The above average comprehension skills of gifted children can throw many people off at first, and many times can make the child or teen feel isolated. As a three year old, I was reading at a twelfth grade level, with the comprehension of a tenth grader. Needless to say, my parents were careful what they spoke about. No, but really, many children or teens with this level of comprehension can be (I hate to say it) outcasts, loners in the big world of public schools and growing up. They are small bodies with the mind of an adult. Therefore, as they begin to interact with other kids, as groups start to form and circles of friends, and, sadly, as cliques start to build, a child will be accepted and rejected. Why? Because their logic is not the same as that of the others. They automatically analyze the situations they’re in and any ideas and probably totally dismiss them as, well, stupid. For an age group, the ideas are not stupid, but as adults, we see the flaws in them and so can most gifted students. Hence the importance of finding gifted programs. When I first started schooling, I was in a normal kindergarten, and most of the kids probably couldn’t stand me. To fix the problem, every week, the teachers and principal would try to place me in another grade. The fifth week, I was in the fifth grade. I was irritated and bored. I knew everything they were teaching or at least understood it quicker than the kids in the class. I was tutoring fifth graders. I couldn’t stand homework because I though it was pointless. To me, and even through (actual) fifth grade in a gifted program, I thought school was stupid. Mainly because I could comprehend things outside school quicker. My point is that gifted children often get pushed to the edges by other children because they are so unafraid to be different and express that.

This can also cause problems with adults though. In the school system and out, when a gifted child shows blatant disrespect for the system, it won’t go over well. I know what you’re thinking. But my child loves to learn and he loves his teachers and he’s an angel, he would never do such a thing! Good. But this is general. That’s wonderful if it never happens, but don’t be surprised if it does. However, the situation can be diffused. Gifted programs are designed for them and provide them an environment where they can talk about whatever their heart desires. I really enjoyed it myself because all the kids thought like me, were interested in school and learning, etc. Otherwise, outside of school, a gifted child just needs stimulation. Give them a hobby, try to pique their interest. Many love music, the arts, reading, writing. By focusing them on that, you’ll help them grow and give them something to talk about in a group. You know, other than the formulaic expression for salt or politics.

I’m not saying that the above isn’t ok. I’m merely suggesting that some help should be provided and an explanation given why some kids might be overwhelmed by their normal conversation, or how to express oneself, or how to start conversations and make friends. Because their comprehension is so great and they’re mini adults, you’ll be happy to know that this should go over well. If not, just tweak how you’re presenting yourself, try presenting the notion at a different time, etc. Do what works for your kid. These are just general. But overall, teach your kid it’s ok to be. To be gifted, to be smart, to be talented, to be different. To be them.



This is one of the best tables I’ve seen to this point. (Thanks Pinterest!) I really want to blog about all of these things, so I think I’d like to use this almost as a “curriculum”. If anybody wants to see one before the other, comment and leave suggestions!

The Gifted Child and Communication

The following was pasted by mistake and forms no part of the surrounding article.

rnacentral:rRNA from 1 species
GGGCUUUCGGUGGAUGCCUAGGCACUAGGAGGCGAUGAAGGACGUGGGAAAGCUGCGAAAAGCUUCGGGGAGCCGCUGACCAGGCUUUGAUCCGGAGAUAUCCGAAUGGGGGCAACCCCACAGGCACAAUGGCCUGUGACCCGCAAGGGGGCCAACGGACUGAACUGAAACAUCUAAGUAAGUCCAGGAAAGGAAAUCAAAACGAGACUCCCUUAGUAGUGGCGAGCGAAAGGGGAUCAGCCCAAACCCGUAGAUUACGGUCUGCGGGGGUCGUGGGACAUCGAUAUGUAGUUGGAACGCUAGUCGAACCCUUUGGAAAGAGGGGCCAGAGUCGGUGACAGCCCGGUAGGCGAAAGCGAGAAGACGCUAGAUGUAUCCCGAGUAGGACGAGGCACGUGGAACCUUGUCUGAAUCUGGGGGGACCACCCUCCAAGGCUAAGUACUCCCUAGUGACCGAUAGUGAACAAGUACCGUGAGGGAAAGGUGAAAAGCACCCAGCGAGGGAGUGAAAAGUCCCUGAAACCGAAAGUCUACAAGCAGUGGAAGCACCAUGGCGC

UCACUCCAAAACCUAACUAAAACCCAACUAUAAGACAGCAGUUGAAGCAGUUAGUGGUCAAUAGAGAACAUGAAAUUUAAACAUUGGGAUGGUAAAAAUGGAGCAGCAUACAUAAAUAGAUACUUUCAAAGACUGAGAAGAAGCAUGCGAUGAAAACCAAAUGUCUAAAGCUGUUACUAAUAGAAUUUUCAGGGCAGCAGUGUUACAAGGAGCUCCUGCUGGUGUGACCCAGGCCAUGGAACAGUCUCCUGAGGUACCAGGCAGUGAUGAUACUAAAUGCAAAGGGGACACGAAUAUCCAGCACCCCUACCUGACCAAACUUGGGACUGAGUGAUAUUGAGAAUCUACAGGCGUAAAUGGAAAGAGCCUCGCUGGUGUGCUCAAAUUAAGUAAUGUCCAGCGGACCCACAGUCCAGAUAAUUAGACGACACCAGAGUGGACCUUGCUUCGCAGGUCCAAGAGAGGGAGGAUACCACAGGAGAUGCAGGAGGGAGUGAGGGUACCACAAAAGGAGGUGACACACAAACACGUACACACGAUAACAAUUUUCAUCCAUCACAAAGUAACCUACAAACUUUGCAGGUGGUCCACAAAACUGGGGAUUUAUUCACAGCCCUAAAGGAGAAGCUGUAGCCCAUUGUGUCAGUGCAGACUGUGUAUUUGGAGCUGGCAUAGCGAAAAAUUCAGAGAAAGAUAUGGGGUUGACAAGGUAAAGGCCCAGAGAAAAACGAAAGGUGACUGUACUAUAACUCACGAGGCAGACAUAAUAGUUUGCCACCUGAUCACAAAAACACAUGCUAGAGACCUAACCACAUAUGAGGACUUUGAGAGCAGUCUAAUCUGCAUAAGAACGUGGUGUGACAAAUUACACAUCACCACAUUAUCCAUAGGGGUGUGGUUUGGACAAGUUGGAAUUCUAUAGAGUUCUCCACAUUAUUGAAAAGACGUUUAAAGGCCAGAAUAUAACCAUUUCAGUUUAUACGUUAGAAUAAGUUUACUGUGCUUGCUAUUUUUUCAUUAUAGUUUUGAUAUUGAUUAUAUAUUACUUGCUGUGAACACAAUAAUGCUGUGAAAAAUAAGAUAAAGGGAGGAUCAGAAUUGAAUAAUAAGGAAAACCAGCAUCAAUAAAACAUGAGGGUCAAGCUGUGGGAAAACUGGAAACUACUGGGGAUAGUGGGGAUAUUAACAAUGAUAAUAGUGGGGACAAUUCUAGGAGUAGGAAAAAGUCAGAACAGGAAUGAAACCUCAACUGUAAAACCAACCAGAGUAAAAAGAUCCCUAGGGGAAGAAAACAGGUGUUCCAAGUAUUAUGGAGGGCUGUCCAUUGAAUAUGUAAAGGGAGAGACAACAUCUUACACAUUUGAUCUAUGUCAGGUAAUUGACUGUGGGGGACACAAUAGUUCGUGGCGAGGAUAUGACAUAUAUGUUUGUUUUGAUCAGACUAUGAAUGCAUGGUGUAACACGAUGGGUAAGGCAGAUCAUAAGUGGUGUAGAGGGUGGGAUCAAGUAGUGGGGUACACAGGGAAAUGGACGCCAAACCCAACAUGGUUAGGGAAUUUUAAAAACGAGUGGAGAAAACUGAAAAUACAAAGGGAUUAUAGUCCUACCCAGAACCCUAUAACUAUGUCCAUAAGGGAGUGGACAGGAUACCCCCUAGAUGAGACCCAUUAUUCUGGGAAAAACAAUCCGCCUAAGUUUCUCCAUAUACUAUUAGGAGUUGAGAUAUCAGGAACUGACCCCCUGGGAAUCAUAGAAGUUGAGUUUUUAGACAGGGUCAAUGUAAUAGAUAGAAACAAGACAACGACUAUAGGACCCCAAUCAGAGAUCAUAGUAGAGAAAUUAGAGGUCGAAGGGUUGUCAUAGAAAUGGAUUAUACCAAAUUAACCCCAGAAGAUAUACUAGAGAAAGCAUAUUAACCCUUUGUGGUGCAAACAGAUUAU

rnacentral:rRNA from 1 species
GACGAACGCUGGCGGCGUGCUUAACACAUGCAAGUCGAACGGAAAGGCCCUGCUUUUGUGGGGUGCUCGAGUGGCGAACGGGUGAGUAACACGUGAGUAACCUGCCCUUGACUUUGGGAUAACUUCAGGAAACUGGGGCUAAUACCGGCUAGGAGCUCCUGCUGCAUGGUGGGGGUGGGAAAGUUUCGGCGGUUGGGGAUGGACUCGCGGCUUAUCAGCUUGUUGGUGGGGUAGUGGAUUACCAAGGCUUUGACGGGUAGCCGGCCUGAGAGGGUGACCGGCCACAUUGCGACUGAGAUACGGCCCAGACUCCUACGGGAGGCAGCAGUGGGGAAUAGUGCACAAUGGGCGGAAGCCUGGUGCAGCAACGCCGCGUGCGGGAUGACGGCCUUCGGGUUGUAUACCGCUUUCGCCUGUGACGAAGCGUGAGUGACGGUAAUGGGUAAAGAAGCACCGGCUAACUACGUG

Wow. There is so much I could write to you guys right now. I’m going to try not to go crazy and off topic but if I do, it’s a gifted thing. First off, communication is a huge strong point and a giant red weak point. Let’s focus on the good first.

As a quick side point, this might not be exactly like your child, but it is like a lot of the gifted children and teens I was with in school as well as myself. So. Communication. Gifted kids LOVE to talk. Notice how that is in bold and italics? Some people (I’ve actually heard this), round it off as ADHD or ADD, etc. It’s not. It’s our electrical wires in our head buzzing full with electricity and nowhere to store the extra so it bubbles forth as words. Words and ideas that sometimes don’t make sense or connect very well. (E.g. I was young and I connected making friends with smelling feet, I have no clue why. Every time I would see a person, I wanted to talk to them but min went from person talk feet instead of stranger talk friend. Therefore, if I wanted you to be my friend, I made you smell my feet. Sending out an apology here.) It’s okay though. Go along with it. A lot of gifted kids are sensitive, so if you’re tired of the talking, try a simple “Mommy/Daddy had a good day too. It was long. Maybe we can talk later?” Help your gifted kids to connect their ideas in a logical way. I’m not saying to underestimate their intelligence. Make things clear, but tactful.

Now, the negative side. Especially if you have a gifted teen. NEVER, I repeat, NEVER ask them to express how they are feeling. That’s probably a no go. Ask what or why or how something happened. Your need for a straight out answer will not correspond to their need to express themselves in a round about way, most likely tearfully and for an hour or two until, finally, at the very end, they get to how they’re feeling. Don’t just ask “What’s the matter?” A gifted child normally doesn’t know. They just know what happened and what the result was and what got them there. Gifted children are not always logical, but analytical. They base a lot on emotion but explain it as cause and effect. They like step by step directions but will skip to the end and go back to read in between the lines later. In other words, if they’re offended, they probably won’t be in a few minutes after they have thoroughly analyzed the situation from everybodies viewpoint. We normally talk before we think, making it hard to express ourselves. Just keep talking to us though, you’ll get the whole story later. 🙂

This difficulty to express oneself can sometimes lead to feeling isolated, left out, awkward, etc. You will have problems with that. It’s ok. My next post will be talking about that, based on some personal and very recent experiences. But basically, if you help your child with communication and are open to listen, you will have a very bubbly child. It can cause some problems, but we get over things fairly quick. So my advice: don’t be afraid of words, keep talking, keep listening, and enjoy the stories you’ll make to keep for a lifetime!